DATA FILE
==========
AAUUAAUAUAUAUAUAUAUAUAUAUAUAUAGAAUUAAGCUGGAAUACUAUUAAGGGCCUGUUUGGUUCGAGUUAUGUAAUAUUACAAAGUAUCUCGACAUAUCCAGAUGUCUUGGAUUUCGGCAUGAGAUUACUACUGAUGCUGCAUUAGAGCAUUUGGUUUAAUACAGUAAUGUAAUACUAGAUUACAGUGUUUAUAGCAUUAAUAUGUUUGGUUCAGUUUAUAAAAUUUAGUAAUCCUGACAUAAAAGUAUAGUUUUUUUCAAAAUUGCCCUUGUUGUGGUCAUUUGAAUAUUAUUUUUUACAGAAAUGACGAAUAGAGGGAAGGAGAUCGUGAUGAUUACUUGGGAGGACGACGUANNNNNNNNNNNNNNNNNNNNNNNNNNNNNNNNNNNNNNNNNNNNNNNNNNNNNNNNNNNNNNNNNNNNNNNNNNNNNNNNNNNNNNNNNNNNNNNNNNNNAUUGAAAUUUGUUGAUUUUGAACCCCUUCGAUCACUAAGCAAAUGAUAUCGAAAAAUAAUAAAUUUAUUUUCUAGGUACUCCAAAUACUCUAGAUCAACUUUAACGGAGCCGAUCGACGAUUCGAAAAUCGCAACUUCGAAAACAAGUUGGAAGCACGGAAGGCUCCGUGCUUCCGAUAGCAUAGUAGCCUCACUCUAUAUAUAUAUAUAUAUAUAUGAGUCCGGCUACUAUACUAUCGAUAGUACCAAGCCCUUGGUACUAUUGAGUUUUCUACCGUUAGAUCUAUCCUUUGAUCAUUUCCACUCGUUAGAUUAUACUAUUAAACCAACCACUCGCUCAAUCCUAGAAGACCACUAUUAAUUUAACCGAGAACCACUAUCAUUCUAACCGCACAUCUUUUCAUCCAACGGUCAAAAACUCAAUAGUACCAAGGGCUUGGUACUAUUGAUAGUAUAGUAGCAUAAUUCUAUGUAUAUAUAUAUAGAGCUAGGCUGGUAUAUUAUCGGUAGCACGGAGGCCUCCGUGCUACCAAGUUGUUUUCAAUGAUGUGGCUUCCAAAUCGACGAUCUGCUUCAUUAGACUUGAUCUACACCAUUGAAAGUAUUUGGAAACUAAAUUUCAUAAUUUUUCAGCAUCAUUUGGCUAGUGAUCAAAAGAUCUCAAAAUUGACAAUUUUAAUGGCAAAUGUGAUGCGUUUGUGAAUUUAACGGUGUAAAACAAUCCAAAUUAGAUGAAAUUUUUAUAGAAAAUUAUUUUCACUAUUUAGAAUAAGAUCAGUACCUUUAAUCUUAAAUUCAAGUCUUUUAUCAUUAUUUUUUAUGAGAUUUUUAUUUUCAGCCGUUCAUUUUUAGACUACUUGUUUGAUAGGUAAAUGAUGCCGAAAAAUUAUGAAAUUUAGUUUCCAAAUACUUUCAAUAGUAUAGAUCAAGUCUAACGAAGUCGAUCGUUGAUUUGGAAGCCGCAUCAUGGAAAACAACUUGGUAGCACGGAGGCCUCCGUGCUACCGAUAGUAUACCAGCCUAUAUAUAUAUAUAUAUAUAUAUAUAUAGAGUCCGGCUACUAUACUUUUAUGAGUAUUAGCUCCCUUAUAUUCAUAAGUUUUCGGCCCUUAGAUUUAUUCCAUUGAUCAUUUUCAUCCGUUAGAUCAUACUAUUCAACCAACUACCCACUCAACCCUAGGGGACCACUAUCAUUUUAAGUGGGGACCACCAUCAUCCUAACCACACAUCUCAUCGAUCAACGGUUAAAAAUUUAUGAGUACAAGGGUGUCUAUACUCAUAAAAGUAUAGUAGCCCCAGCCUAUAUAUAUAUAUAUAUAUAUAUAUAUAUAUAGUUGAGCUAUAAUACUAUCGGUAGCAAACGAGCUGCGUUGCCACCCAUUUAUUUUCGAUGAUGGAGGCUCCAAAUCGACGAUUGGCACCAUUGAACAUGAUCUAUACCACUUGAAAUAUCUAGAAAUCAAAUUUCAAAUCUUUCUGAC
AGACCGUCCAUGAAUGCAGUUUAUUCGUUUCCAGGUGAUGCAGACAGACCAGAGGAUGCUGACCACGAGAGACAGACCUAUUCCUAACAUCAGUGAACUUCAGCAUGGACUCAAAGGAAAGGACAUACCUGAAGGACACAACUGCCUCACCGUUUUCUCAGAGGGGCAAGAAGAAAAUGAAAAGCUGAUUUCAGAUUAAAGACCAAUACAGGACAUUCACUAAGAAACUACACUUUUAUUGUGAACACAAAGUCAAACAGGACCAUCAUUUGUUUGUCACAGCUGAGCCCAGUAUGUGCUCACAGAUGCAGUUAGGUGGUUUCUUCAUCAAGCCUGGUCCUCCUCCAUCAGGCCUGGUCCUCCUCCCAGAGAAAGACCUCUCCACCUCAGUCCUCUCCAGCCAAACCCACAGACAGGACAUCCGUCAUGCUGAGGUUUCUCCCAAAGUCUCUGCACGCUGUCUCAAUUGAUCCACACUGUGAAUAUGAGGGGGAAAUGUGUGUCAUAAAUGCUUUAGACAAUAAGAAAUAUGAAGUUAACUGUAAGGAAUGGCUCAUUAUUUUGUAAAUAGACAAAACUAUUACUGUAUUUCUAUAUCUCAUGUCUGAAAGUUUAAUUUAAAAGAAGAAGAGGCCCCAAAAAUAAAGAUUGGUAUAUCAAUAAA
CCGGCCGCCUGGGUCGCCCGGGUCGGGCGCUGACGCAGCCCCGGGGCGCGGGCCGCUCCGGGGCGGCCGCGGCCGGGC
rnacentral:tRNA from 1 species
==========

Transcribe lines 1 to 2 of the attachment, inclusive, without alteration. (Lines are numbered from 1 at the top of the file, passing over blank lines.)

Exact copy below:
AAUUAAUAUAUAUAUAUAUAUAUAUAUAUAGAAUUAAGCUGGAAUACUAUUAAGGGCCUGUUUGGUUCGAGUUAUGUAAUAUUACAAAGUAUCUCGACAUAUCCAGAUGUCUUGGAUUUCGGCAUGAGAUUACUACUGAUGCUGCAUUAGAGCAUUUGGUUUAAUACAGUAAUGUAAUACUAGAUUACAGUGUUUAUAGCAUUAAUAUGUUUGGUUCAGUUUAUAAAAUUUAGUAAUCCUGACAUAAAAGUAUAGUUUUUUUCAAAAUUGCCCUUGUUGUGGUCAUUUGAAUAUUAUUUUUUACAGAAAUGACGAAUAGAGGGAAGGAGAUCGUGAUGAUUACUUGGGAGGACGACGUANNNNNNNNNNNNNNNNNNNNNNNNNNNNNNNNNNNNNNNNNNNNNNNNNNNNNNNNNNNNNNNNNNNNNNNNNNNNNNNNNNNNNNNNNNNNNNNNNNNNAUUGAAAUUUGUUGAUUUUGAACCCCUUCGAUCACUAAGCAAAUGAUAUCGAAAAAUAAUAAAUUUAUUUUCUAGGUACUCCAAAUACUCUAGAUCAACUUUAACGGAGCCGAUCGACGAUUCGAAAAUCGCAACUUCGAAAACAAGUUGGAAGCACGGAAGGCUCCGUGCUUCCGAUAGCAUAGUAGCCUCACUCUAUAUAUAUAUAUAUAUAUAUGAGUCCGGCUACUAUACUAUCGAUAGUACCAAGCCCUUGGUACUAUUGAGUUUUCUACCGUUAGAUCUAUCCUUUGAUCAUUUCCACUCGUUAGAUUAUACUAUUAAACCAACCACUCGCUCAAUCCUAGAAGACCACUAUUAAUUUAACCGAGAACCACUAUCAUUCUAACCGCACAUCUUUUCAUCCAACGGUCAAAAACUCAAUAGUACCAAGGGCUUGGUACUAUUGAUAGUAUAGUAGCAUAAUUCUAUGUAUAUAUAUAUAGAGCUAGGCUGGUAUAUUAUCGGUAGCACGGAGGCCUCCGUGCUACCAAGUUGUUUUCAAUGAUGUGGCUUCCAAAUCGACGAUCUGCUUCAUUAGACUUGAUCUACACCAUUGAAAGUAUUUGGAAACUAAAUUUCAUAAUUUUUCAGCAUCAUUUGGCUAGUGAUCAAAAGAUCUCAAAAUUGACAAUUUUAAUGGCAAAUGUGAUGCGUUUGUGAAUUUAACGGUGUAAAACAAUCCAAAUUAGAUGAAAUUUUUAUAGAAAAUUAUUUUCACUAUUUAGAAUAAGAUCAGUACCUUUAAUCUUAAAUUCAAGUCUUUUAUCAUUAUUUUUUAUGAGAUUUUUAUUUUCAGCCGUUCAUUUUUAGACUACUUGUUUGAUAGGUAAAUGAUGCCGAAAAAUUAUGAAAUUUAGUUUCCAAAUACUUUCAAUAGUAUAGAUCAAGUCUAACGAAGUCGAUCGUUGAUUUGGAAGCCGCAUCAUGGAAAACAACUUGGUAGCACGGAGGCCUCCGUGCUACCGAUAGUAUACCAGCCUAUAUAUAUAUAUAUAUAUAUAUAUAUAGAGUCCGGCUACUAUACUUUUAUGAGUAUUAGCUCCCUUAUAUUCAUAAGUUUUCGGCCCUUAGAUUUAUUCCAUUGAUCAUUUUCAUCCGUUAGAUCAUACUAUUCAACCAACUACCCACUCAACCCUAGGGGACCACUAUCAUUUUAAGUGGGGACCACCAUCAUCCUAACCACACAUCUCAUCGAUCAACGGUUAAAAAUUUAUGAGUACAAGGGUGUCUAUACUCAUAAAAGUAUAGUAGCCCCAGCCUAUAUAUAUAUAUAUAUAUAUAUAUAUAUAUAGUUGAGCUAUAAUACUAUCGGUAGCAAACGAGCUGCGUUGCCACCCAUUUAUUUUCGAUGAUGGAGGCUCCAAAUCGACGAUUGGCACCAUUGAACAUGAUCUAUACCACUUGAAAUAUCUAGAAAUCAAAUUUCAAAUCUUUCUGAC
AGACCGUCCAUGAAUGCAGUUUAUUCGUUUCCAGGUGAUGCAGACAGACCAGAGGAUGCUGACCACGAGAGACAGACCUAUUCCUAACAUCAGUGAACUUCAGCAUGGACUCAAAGGAAAGGACAUACCUGAAGGACACAACUGCCUCACCGUUUUCUCAGAGGGGCAAGAAGAAAAUGAAAAGCUGAUUUCAGAUUAAAGACCAAUACAGGACAUUCACUAAGAAACUACACUUUUAUUGUGAACACAAAGUCAAACAGGACCAUCAUUUGUUUGUCACAGCUGAGCCCAGUAUGUGCUCACAGAUGCAGUUAGGUGGUUUCUUCAUCAAGCCUGGUCCUCCUCCAUCAGGCCUGGUCCUCCUCCCAGAGAAAGACCUCUCCACCUCAGUCCUCUCCAGCCAAACCCACAGACAGGACAUCCGUCAUGCUGAGGUUUCUCCCAAAGUCUCUGCACGCUGUCUCAAUUGAUCCACACUGUGAAUAUGAGGGGGAAAUGUGUGUCAUAAAUGCUUUAGACAAUAAGAAAUAUGAAGUUAACUGUAAGGAAUGGCUCAUUAUUUUGUAAAUAGACAAAACUAUUACUGUAUUUCUAUAUCUCAUGUCUGAAAGUUUAAUUUAAAAGAAGAAGAGGCCCCAAAAAUAAAGAUUGGUAUAUCAAUAAA